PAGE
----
Friday, September 22, 2006

Shana Tova

I'm in a rush after a long selichos this morning starting at the nice ripe time of 8:30 AM (after davening), but I want to wish everyone a chag kosher v'sameiach and a gut gebenched yur.

Monday, September 18, 2006

I Don't Understand The Attack On Evolution

Opponents of evolution abound, but rarely do we see one who isn't religious. What I don't understand is the opposition to evolution from religious people.

The assumption that evolution is (as our dear friend the Frumteens Moderator put it) "the only existing apologetic for atheism" is obviously a non sequitor. If evolution were to be falsified tomorrow, atheists would be in the same position as believers -- they both would have no scientific explanation for how man came about. But from the perspective of someone who doesn't believe in G-d because there is insufficient evidence of his existence, he is no worse a position that I (an Orthodox Jew) am.

And that's why I don't understand the crusade over evolution. Evolution says nothing about G-d (although it does contradict a literal reading of the Torah). A believer can argue that the world was created in a way to make it appear old (although this argument does create theological difficulties) and therefore discount evolution on theological grounds.

Attacking evolution makes creationists appear desperate and foolish because anyone even minimally versed in the sciences will know that evolution is a rock solid principle. Wouldn't it be better for someone like Frumteens to just respond that evolution is scientific and is built on a different set of assumptions that religious Judaism? What is actually gained by attacking evolution?

Friday, September 15, 2006

Aharon Barak: An Activist Judge Par Excellance

So says Larry Derfner in yesterday's Jpost. In Derfner's eyes a judge with a Jewish impulse (which is basically synonymous with a liberal impulse) will extend democracy to protect insecure minorities. This argument presumes that the function of the judge in a democracy is to afford democracy to the minorities who would be swallowed up by the majority if left to their own devices.

Now if any of you have read my last post, you'll know that I don't oppose judicial review per se. In fact, I cannot deny that the contramajoriatarian difficulty is illusory because the judge is empowered to overturn the will of the majority if they violate the compact they consented to make the supreme law of the land. The difficulty only adheres when the judge exceeds his power and nullifies legislative action without constitutional support.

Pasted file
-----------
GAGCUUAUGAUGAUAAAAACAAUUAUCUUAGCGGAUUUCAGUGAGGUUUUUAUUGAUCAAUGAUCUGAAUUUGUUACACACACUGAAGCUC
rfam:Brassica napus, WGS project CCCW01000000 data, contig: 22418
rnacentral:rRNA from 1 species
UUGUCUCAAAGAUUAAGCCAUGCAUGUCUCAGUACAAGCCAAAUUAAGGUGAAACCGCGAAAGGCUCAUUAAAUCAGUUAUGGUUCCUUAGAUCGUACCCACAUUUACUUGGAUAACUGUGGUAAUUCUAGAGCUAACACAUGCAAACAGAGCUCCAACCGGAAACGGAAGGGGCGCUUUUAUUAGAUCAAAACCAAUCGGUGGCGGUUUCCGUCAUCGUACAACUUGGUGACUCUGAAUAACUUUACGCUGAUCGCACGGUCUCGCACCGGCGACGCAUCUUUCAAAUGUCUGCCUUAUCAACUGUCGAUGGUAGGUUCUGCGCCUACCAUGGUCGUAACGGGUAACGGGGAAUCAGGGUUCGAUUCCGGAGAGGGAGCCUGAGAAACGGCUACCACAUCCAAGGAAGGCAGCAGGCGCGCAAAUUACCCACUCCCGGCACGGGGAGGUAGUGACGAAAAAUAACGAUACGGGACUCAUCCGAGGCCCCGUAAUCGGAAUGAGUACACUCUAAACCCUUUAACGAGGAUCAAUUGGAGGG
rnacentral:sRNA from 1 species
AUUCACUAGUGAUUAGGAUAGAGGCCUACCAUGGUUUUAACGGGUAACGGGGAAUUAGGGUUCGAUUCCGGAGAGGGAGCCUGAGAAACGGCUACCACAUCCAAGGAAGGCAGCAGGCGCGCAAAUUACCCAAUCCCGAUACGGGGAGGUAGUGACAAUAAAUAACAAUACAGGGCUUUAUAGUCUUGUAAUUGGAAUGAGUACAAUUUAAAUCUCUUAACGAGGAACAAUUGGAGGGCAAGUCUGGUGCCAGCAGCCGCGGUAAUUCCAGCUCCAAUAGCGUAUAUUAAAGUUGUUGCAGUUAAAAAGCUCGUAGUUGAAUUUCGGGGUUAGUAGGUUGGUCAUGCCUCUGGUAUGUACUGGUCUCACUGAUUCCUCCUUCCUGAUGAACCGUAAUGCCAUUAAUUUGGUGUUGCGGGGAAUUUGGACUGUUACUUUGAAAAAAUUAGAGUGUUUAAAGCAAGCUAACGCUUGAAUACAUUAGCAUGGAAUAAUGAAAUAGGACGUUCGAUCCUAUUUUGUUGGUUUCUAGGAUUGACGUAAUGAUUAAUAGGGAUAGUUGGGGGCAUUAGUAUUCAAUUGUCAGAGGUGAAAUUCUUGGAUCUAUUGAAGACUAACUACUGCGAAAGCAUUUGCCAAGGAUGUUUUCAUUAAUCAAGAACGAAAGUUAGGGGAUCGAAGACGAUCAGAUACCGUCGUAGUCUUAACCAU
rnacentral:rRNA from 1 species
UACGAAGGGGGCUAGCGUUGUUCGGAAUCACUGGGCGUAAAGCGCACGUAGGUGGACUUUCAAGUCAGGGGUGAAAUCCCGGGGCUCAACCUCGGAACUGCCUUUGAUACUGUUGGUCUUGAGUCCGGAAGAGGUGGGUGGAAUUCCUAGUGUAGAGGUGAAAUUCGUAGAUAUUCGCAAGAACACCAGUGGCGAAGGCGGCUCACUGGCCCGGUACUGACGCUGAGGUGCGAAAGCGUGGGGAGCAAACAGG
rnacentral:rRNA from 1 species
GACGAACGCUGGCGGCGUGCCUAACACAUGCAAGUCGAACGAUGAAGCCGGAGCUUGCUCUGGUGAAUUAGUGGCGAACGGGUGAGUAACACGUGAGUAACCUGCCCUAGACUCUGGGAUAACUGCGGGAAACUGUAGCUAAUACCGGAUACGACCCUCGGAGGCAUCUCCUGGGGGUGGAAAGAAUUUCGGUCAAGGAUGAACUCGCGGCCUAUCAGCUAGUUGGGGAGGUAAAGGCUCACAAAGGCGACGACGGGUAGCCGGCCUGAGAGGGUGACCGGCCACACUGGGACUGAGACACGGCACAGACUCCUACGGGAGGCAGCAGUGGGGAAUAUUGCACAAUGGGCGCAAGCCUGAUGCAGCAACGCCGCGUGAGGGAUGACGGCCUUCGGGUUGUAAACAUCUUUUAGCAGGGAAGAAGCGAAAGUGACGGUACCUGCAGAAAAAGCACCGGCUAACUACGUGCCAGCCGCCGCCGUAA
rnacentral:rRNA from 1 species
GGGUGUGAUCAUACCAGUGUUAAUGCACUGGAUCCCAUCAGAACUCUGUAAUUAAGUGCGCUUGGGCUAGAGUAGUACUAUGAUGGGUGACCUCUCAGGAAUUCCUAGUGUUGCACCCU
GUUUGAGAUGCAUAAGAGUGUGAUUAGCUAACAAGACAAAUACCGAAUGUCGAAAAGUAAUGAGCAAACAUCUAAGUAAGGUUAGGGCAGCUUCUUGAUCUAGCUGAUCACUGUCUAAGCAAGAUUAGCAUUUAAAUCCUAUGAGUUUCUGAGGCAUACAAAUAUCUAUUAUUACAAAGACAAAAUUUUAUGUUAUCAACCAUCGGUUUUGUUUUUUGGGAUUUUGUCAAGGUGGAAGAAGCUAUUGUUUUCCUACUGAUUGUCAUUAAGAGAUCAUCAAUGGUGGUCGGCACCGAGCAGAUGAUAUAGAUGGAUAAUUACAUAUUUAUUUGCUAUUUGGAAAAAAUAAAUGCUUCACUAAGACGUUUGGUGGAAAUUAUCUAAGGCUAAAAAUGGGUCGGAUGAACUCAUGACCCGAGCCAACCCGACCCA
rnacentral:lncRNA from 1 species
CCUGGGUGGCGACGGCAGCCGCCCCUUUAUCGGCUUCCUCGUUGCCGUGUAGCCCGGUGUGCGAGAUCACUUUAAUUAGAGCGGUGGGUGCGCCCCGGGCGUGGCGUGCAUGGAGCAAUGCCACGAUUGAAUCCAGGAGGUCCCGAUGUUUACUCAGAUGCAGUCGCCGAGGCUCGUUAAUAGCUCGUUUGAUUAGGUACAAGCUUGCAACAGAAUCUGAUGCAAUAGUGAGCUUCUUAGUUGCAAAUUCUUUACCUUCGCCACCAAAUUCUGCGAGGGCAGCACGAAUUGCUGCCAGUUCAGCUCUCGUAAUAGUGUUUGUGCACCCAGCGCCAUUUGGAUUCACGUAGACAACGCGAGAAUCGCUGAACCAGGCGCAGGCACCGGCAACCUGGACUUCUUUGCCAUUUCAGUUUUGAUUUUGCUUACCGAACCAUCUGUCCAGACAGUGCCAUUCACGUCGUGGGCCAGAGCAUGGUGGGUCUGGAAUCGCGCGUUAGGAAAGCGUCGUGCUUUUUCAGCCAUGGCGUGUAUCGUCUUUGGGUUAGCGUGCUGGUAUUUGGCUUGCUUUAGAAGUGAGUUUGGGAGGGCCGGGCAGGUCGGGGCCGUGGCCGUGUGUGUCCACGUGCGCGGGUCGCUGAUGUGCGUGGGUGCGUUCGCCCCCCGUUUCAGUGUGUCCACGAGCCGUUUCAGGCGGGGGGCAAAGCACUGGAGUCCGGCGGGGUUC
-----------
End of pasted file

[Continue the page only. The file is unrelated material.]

Barak, who is a brilliant legal jurist by any measure, argues that democracy is more than simply the will of the majority and contains substantive elements such as (among others) the rule of law, separation of powers, and human rights. The goal of the judge is to balance the procedural element (majority rule) with the substantive elements (human rights). These elements are fundamental and not subject to opinion polls.

I don't need to explain my problems with the above argument. I might agree that democracy is substantive in nature, but I firmly disagree with the proposition that unelected judges are better equipped to determine fundamental rights than anyone else. On what basis should the judge decide that the substantive outweigh the procedural violations?

My biggest problem with Israel's "constitutional" order is the lack of judicial power to overturn laws in the first place. Barak acknowledges that Israel lacks a formal constitution, but proffers the existence of an immutable, unwritten constitution embedded in the Basic Laws. Barak claims that when the Basic Laws are contradicted by ordinary legislation, the legislation is void.

Barak envisions similarities to our system, where the Constitution reigns supreme (even more to the point he extrapolates the inference in Marbury that created judicial review in the US to the situation in Israel). But there's a piece missing: even if we assume that basic laws are extra-legislative (a weak proposition), on what basis can the courts overturn laws? Not every country with a democracy has judicial review. For example Switzerland's courts lack judicial review, and the Swiss don't seem to have fallen prey to despotism. For judicial review to exist, the Basic Laws must be supreme and courts must be authorized to enforce its superiority.

But Derfner would want Barak's successor to continue in this tradition. While I am all for protecting minority rights from the tyranny of the majority, I am unaware of how a judge's discretion could be cabined absent a written constitution. The fact that Barak could impute legal superiority in the Basic Laws and then infer from that superiority that judges could enforce the laws over ordinary legislation shows the extent of the exceptional jurist's creativity. But creativity is a double-edged sword. It could be used to justify anything. How can we protect the majority from the tyranny of the minority?

As an aside, Derfner is just plain wrong on some points. For example he notes that "[i]f not for the US Supreme Court, blacks in the South might still not be able to vote. " This statement is patently wrong. The right to vote without distinction of the basis of color was guaranteed by the 15th and 24th Amendments of the Constitution and by the congressional legislation such as the Voting Rights Act of 1965. The courts had little to do with it.